Thanks for reading, and good birding!

A new season of birding begins with the Friends of Fish Creek

Posted by Dan Arndt

This post recounts our first Sunday outing of the season with the Friends of Fish Creek, Autumn Birding course on September 7, 2014.

While it’s been a few weeks since our first outing, it’s still great to be back birding in Calgary’s incredible parks. Our first week back was a visit to Carburn Park, where Gus Yaki had led a few late summer birding trips in search of fall warblers, turning up a wide variety of great birds. By the time we got there in early September though, most of them had moved on, though a few Yellow-rumped Warblers were still to be found here and there!

Yellow-rumped Warbler Pentax K-5 + Sigma 150-500@500mm 1/1250sec., ƒ/6.3, ISO 800

Yellow-rumped Warbler
Pentax K-5 + Sigma 150-500@500mm
1/1250sec., ƒ/6.3, ISO 800

Along the river was our best and most productive area throughout the walk though. Early on, a male Belted Kingfisher flew across the river and right over our heads, not too common a sight!

Belted Kingfisher Pentax K-5 + Sigma 150-500@500mm 1/1000sec., ƒ/6.3, ISO 250

Belted Kingfisher
Pentax K-5 + Sigma 150-500@500mm
1/1000sec., ƒ/6.3, ISO 250

A bit further down the river, a young Bald Eagle flew overhead and gave some great flybys. It’s likely that this is one of the young from a nearby nest across the river from Carburn Park. This is one of the best places to view Bald Eagles in the late fall and through the winter as the river freezes over and the waterfowl congregate in the open water.

immature Bald Eagle Pentax K-5 + Sigma 150-500@500mm 1/1250sec., ƒ/6.3, ISO 160

immature Bald Eagle
Pentax K-5 + Sigma 150-500@500mm
1/1250sec., ƒ/6.3, ISO 160

Cedar Waxwings were everywhere, picking mosquitos and other small insects out of the air by the dozen, while much higher overhead the Franklin’s and Ring-billed Gulls did the same with recent hatches of flying ants.

Cedar Waxwing Pentax K-5 + Sigma 150-500@500mm 1/1250sec., ƒ/6.3, ISO 500

Cedar Waxwing
Pentax K-5 + Sigma 150-500@500mm
1/1250sec., ƒ/6.3, ISO 500

We did have some great looks at some Double-crested Cormorants at the furthest north “pond”, or what used to be a pond, anyhow. The flood of 2013 stripped away the banks and trees at the north end, turning what used to be a large, deep pond into the primary river channel, and good habitat for the Double-crested Cormorants and even one Great Blue Heron to sun themselves and hunt for fish.

Double Crested Cormorants Pentax K-5 + Sigma 150-500@500mm 1/1250sec., ƒ/6.3, ISO 640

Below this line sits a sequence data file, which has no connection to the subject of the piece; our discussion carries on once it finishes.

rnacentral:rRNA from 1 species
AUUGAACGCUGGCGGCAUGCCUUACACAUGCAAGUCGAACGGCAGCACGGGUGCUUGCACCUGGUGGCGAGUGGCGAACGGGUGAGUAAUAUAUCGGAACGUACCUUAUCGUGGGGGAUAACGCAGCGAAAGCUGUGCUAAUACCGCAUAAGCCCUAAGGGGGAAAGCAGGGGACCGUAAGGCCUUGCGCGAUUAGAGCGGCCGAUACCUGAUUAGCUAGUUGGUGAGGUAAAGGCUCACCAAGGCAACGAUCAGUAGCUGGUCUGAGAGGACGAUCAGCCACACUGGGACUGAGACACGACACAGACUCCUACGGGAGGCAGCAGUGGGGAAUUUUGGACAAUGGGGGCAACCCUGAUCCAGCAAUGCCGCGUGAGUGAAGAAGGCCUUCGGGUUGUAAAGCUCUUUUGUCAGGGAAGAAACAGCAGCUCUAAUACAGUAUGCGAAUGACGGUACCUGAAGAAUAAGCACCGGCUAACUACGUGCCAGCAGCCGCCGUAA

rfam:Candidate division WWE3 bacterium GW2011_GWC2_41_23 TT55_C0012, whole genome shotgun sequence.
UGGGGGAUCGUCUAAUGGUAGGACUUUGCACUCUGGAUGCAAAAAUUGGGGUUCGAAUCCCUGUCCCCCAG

Double Crested Cormorants
Pentax K-5 + Sigma 150-500@500mm
1/1250sec., ƒ/6.3, ISO 640

Great Blue Heron sunning itself Pentax K-5 + Sigma 150-500@500mm 1/1250sec., ƒ/6.3, ISO 400

Great Blue Heron sunning itself
Pentax K-5 + Sigma 150-500@500mm
1/1250sec., ƒ/6.3, ISO 400

This young heron took the opportunity to open up its wings and absorb the sun, like some of the cormorants were doing further up on the debris. Soon, both of these species will be headed south to warmer climes while the mercury dips close to the freezing point and below through the course of our walks this fall.

Thanks again for reading, and good birding!

 

Update – Fall Birds in Carburn and Fish Creek Parks

We don’t often re-post material but we don’t often make two identification mistakes in the same post (I hope). Reid Barclay has pointed out that the bird I labelled “Swainson’s Thrush” is actually an Ovenbird, and Ron Kube says that the “Swainson’s Hawk” is a Broad-winged Hawk. I think they are both correct. In each case, I didn’t consider these less-common migrants here, and tried to fit the photos to my expectations. Sorry for the errors. We always welcome comments from our readers. – Bob Lefebvre

Tony LePrieur has another set of beautiful bird and mammal photos, taken on September 14, 2014. He says it is getting harder to find the birds, but there is still a good variety of species around.

From Carburn Park:

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Orange-crowned Warbler.

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Orange-crowned Warbler, actually showing the seldom-seen orange crown.

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Red-eyed Vireo.

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American Goldfinch.

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Cedar Waxwing (juvenile).

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Ovenbird.

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Yellow-rumped Warbler.

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Tennessee Warbler.